Tuesday August 23 was a dramatic day for Bank of America.
First the bank’s stock tanked to lows not seen since 2009 – $6.01. Then the bank blamed the morning drop on our Henry Blodget in a weird, sarcastic statement released by BofA PR. He had written about the market opinion that the bank doesn’t have enough capital earlier that morning, before the drop.
Then JPMorgan released a note saying that it was upgrading BofA from underweight to neutral and a blog, 24/7 Wall Street, interpreted it to mean that JPMorgan might buy Bank of America.
Needless to say, the latest analysis by JPMorgan, despite what inconceivable rumours it sparked, is spot on. It says that Bank of America’s stock price is now reacting to irrationality. If today’s wild events show anything, it’s that.
And also, the bank of course needs to do something to convince the market it has enough capital.
FT Alphaville has more of the latest BAC research update, in which JPMorgan analysts write:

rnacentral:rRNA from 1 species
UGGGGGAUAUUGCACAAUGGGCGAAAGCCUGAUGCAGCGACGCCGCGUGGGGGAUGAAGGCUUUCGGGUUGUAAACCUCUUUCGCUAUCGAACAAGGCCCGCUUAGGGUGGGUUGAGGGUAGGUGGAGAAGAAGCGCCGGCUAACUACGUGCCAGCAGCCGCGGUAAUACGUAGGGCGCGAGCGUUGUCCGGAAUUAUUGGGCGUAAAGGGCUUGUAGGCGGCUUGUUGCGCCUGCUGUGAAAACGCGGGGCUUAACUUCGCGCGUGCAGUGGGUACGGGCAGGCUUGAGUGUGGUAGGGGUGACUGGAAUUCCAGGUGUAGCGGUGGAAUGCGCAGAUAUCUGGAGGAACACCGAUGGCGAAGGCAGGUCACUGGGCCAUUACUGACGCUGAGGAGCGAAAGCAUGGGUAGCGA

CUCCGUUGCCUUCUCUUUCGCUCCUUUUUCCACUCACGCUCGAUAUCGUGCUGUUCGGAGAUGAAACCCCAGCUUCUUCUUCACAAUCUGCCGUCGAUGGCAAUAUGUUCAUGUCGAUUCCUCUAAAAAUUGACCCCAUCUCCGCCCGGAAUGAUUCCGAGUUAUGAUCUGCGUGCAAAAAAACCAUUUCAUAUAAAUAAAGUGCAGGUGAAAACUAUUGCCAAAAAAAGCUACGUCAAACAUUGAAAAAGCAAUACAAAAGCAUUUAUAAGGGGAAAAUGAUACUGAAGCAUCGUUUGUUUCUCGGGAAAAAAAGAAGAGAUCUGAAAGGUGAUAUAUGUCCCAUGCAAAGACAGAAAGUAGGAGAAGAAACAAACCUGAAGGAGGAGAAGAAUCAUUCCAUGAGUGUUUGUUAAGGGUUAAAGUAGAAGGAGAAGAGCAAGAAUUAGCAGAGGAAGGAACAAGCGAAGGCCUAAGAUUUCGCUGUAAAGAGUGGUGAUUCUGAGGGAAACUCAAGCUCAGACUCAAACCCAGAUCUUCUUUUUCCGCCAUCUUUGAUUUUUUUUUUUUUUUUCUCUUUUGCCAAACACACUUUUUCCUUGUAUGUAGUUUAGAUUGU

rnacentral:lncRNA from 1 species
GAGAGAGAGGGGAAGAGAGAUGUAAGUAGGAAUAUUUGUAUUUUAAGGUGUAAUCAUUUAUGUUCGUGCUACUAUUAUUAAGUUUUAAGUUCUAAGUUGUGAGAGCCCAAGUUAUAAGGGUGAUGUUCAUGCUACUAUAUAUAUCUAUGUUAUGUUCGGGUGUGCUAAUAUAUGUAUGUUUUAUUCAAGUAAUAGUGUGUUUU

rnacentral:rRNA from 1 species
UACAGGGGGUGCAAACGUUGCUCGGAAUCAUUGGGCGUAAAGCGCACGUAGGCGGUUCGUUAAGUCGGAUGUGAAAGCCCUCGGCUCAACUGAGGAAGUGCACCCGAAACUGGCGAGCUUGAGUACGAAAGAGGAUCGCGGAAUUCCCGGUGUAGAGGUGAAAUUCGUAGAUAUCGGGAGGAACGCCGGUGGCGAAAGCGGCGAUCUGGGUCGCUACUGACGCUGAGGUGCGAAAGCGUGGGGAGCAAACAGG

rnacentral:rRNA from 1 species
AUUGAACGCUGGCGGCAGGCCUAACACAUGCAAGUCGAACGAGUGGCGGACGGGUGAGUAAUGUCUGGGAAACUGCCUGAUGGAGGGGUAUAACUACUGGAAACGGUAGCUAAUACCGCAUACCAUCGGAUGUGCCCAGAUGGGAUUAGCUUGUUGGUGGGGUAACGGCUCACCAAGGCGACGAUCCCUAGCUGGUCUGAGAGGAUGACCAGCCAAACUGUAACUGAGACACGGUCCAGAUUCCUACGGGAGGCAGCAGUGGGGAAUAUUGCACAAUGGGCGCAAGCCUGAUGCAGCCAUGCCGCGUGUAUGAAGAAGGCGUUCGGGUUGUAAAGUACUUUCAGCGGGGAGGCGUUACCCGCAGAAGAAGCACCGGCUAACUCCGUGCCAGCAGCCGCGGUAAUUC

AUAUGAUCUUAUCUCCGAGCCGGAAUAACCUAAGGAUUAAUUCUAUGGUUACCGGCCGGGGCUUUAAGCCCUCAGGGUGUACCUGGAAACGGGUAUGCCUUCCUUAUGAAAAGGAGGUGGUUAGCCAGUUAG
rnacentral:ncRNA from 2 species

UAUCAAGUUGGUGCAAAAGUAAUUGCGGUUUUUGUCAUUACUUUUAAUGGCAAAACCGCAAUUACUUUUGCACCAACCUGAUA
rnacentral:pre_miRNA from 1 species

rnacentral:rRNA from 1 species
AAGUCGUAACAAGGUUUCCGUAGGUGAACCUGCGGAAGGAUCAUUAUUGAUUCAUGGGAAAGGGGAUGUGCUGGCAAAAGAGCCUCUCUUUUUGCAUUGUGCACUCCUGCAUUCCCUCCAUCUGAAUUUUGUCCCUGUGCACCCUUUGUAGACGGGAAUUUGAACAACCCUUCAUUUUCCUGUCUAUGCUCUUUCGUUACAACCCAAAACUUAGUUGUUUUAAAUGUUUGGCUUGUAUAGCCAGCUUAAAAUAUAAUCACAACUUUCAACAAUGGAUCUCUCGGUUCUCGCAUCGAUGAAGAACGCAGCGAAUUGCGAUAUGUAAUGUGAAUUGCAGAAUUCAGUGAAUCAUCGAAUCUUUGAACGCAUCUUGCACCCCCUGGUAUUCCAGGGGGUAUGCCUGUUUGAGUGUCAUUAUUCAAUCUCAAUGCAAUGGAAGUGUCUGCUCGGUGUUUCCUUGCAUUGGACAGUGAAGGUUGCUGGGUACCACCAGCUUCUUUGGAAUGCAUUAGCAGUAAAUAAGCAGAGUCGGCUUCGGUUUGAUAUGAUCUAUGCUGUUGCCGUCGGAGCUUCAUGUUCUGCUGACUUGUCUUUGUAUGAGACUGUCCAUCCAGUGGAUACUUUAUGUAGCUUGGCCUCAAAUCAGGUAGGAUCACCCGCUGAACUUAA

We estimated a capital shortfall $12bn (assuming a target Basel III Tier 1 common equity ratio of 7.5% at YE’12) under our base case; our Bear case suggests a $25bn shortfall. At this point, we think it is important to maintain perspective; our estimated shortfall is not huge, and is eminently feasible in our view. This is also a relative shortfall; the company remains very well capitalised by historical standards.
The equity and credit markets are becoming increasingly clear in their message that the company needs to address the capital and mortgage issues; we think it is getting more difficult for management to ignore this sentiment. In our view, this raises the likelihood of a credit-positive development, such as an announcement of a capital raise.
We cannot ignore the reality that current challenges are solvable. With CDS trading wider than at the peak of the financial crisis, current valuations appear to us to reflect irrationality, rather than the true, manageable, scope of issues facing the company.
On a positive note, CEO Brian Moynihan’s nickname is apparently Tazmanian Devil, which suggests he’s used to whirlwinds like this.